Bankable Frontier Associates, MasterCard Foundation partner on initiative to aid poor in Ghana & Tanzania
This multi-million-dollar project will span four years and see financial experts gathering and digitizing data from business transactions in Ghana and Tanzania.
The project officially commenced on Thursday in Accra, Ghana. Several local groups and businesses had already begun pre-qualifying programs for FIBR; the first program participants will be chosen in June.
FIBR will also encourage the use of technology as well as business and financial partnerships. As smartphone use grows in Africa (it is expected to be more than 50 percent by the year 2020), customer data generation will also increase, and that data will be used by FIBR to develop new strategies for making credit and insurance products available to customers in underserved areas.
"FIBR is exploring different types of relationships, or links, between financial service providers and poor customers," David Porteous, BFA CEO, said."The smartphone now makes it possible to propose new and more targeted solutions by a new range of players. How this happens and what will succeed is largely untested but it will be a transformative contribution to the financial services sector and how the poor better manage their money."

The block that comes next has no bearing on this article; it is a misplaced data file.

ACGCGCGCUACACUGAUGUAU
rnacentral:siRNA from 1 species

Analyzing the financial data from Ghana and Tanzania's poor will allow FIBR researchers to work with banks and insurance firms to develop banking and insurance products those people can afford and benefit from.
"These business-based relationships, such as a shopkeeper extending customer credit, an employer setting aside savings for employees or a club providing micro-insurance to its members represent an untapped, indirect source of financial data about a person," said Mark Wensley, senior program manager of financial inclusion at The MasterCard Foundation. "With this data, banks and microfinance institutions, even mobile network operators, can offer a wide range of new financial services to poor customers whom they currently cannot serve directly."
More information about the FIBR initiative is available online at www.fibrproject.org.